Comey’s testimony to the Senate Judiciary Committee made it clear that information provided by these sort of anonymous sources is not always reliable (to put it mildly) and that he disputes a now notorious New York Times article, which appeared on 14th February 2017 (the same day incidentally that Trump had his now famous conversation with Comey in which they supposedly discussed Flynn).  That article was also sourced to our old friends the anonymous sources (“four current and former American officials”) and contained the sensational claim that

Phone records and intercepted calls show that members of Donald J. Trump’s 2016 presidential campaign and other Trump associates had repeated contacts with senior Russian intelligence officials in the year before the election

Interestingly but unsurprisingly, despite Comey saying publicly and on oath that he disputes the New York Times story, the New York Times continues to stand by the story, preferring what it says it was told by its anonymous sources to what Comey says publicly on oath.

President Trump has tweeted his doubts about whether some of these anonymous sources actually exist and have not simply been made up, and frankly I am starting to have my doubts as well.  The episodes of the latest Washington Post story and of the New York Times article of 14th February 2017 reinforces those doubts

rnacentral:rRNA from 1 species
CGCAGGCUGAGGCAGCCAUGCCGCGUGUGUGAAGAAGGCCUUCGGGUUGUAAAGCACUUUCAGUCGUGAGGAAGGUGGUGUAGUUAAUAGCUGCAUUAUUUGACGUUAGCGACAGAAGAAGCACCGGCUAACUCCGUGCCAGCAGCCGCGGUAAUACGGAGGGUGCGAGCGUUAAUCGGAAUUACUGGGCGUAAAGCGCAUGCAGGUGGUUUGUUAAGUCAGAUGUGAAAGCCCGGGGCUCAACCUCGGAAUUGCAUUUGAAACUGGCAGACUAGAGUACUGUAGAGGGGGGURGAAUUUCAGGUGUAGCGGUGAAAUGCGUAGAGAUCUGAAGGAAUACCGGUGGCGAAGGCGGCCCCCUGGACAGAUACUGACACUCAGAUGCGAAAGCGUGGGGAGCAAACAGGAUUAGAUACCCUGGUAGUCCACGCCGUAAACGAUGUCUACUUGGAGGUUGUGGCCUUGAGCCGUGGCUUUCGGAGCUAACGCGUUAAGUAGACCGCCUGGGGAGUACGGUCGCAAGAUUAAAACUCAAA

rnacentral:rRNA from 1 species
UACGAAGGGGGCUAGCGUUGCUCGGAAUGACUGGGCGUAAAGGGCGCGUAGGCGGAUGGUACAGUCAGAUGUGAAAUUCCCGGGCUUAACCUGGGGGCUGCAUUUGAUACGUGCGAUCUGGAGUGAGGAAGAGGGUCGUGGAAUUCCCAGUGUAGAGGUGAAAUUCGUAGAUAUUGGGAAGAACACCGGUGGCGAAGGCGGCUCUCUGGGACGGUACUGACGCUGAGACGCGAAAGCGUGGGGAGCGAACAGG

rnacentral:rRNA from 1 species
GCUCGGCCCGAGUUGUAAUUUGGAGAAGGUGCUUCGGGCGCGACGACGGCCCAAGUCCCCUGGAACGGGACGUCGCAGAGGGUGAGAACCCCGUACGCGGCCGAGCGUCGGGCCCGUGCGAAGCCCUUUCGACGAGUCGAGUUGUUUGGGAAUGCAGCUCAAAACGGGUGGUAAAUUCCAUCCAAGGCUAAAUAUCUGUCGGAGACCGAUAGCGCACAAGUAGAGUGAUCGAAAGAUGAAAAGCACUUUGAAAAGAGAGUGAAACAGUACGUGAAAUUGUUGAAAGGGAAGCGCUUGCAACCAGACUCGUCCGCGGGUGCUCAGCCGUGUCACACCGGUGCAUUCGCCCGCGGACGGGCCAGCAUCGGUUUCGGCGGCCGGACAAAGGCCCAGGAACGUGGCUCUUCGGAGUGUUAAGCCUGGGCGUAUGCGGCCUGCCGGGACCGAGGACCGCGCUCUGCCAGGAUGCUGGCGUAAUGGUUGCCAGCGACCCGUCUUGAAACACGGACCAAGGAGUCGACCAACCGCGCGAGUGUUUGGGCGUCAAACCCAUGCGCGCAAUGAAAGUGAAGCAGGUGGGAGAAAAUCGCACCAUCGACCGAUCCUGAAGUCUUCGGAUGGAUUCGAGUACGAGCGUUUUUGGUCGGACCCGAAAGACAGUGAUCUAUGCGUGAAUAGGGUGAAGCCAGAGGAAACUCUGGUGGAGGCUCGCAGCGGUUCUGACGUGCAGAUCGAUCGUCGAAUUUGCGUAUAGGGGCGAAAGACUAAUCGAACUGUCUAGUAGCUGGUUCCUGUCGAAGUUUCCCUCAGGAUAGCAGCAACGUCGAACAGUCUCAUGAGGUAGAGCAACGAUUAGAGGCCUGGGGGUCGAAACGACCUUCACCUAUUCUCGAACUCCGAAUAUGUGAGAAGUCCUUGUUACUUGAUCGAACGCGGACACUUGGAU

If Special Counsel Mueller really is investigating the President for obstruction of justice then the President ultimately has no one to blame but himself.  His meetings with Comey were as I have repeatedly said extraordinarily unwise, and though there is no legal case for obstruction of justice on the known facts (which I am sure are all the facts there are) there is at least an appearance of impopriety which Mueller may feel he has no choice but to look into.

Having said this, in the absence of any actual legal case for obstruction of justice I cannot imagine that Mueller’s investigation will in the end do the President any real harm.  Ultimately it may even be in the President’s interests to have Mueller look into this issue.  If Mueller exonerates the President fully of this charge – as on the facts he is bound to do – then it is impossible to see how any impeachment based on this charge can get off the ground.